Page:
Libel Unclear in ‘Illegal’ Video Mocking Prayuth

Still image from 'For Our Beloved Uncle' Source: YouTube

By Pravit Rojanaphruk
Senior Staff Writer

BANGKOK — The surprising thing about a four-minute music video mocking junta leader Gen. Prayuth Chan-ocha, for which a little-known district official now faces up to five years in prison, is that it doesn’t appear to contain any obviously defamatory content.

While “For Our Beloved Uncle” alludes vaguely to the notion that Prayuth is corrupt, has a foul mouth and bad posture; it levels no specific allegations in favor of generally showing the general in an unflattering light. Two experts on law and rights said there was nothing about the country song and video to warrant the arrest Thursday of Narong Ruengthanawong, a 39-year-old former Pheu Thai councilman for Bangkok’s Bang Khen district.

Man Arrested for Sharing Video Mocking Prayuth


Human rights lawyer Anond Nampa said he reviewed the music video after news emerged Thursday of Narong’s arrest and found nothing legally actionable.

“The military doesn’t want anyone to be creating satire against Prayuth,” Anond said. “This [arrest and charge] is a deterrent for others not to disseminate it and to ensure there will be no joking [about Prayuth].”

The video splices together news footage of Prayuth collected from different sources. The only user-generated element is a graphic at the beginning of a paper sack raised over the junta leader’s face, which plays after a presently popular internet meme suggesting someone’s been huffing glue and getting high to explain their bizarre behavior.

The video loops several infamous moments captured on film, such as Prayuth tossing a half-eaten banana and skin at a cameraman in December 2014. Toward the end of the video, the song asks when Prayuth is going to step down, because the longer he stays, the more people will snipe at him.

“To create satire is a right,” said Anond, decrying the fact Narong confessed to the crime and publicly apologized in front of police. “I think the man who spread it should have insisted on his freedom to satirize public figures.”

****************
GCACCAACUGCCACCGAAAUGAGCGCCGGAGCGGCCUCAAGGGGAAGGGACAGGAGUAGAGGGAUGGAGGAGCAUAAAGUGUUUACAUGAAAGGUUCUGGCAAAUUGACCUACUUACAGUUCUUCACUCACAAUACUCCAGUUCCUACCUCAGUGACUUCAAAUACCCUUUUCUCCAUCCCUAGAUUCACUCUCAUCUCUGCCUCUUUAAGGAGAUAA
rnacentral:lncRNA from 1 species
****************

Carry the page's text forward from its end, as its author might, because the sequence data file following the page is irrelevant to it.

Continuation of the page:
Still image from 'For Our Beloved Uncle' makes fun of junta chairman Gen. Prayuth Chan-ocha. Source: YouTube

Narong was charged under the Computer Crime Act for sending a link to the clip to someone over Line. Although the bar for defamation is set relatively low in Thailand, there is a long tradition of inflammatory and sometimes puerile satire of public figures.

Sunai Phasuk, a senior researcher at Human Rights Watch, was briefed about the video’s content and noted that there was no hate speech.

“This is about creating a cult of Prayuth where he becomes untouchable,” Sunai said. “Being ridiculed or criticized is part of being a public figure and a politician. Someone should remind Prayuth that he’s a politician now – only that he wasn’t elected. People should be able to criticize and make satire against him.”

Former Pheu Thai MP Weng Tojirakarn said this afternoon that Narong has been quietly released and told by police not to do it again. It was unclear at time of publication whether the charge against Narong had been dropped or the case was moving forward, as he could not be reached for comment.

 Additional reporting Teeranai Charuvastra


Pravit Rojanaphruk can be reached at [email protected] and @PravitR.

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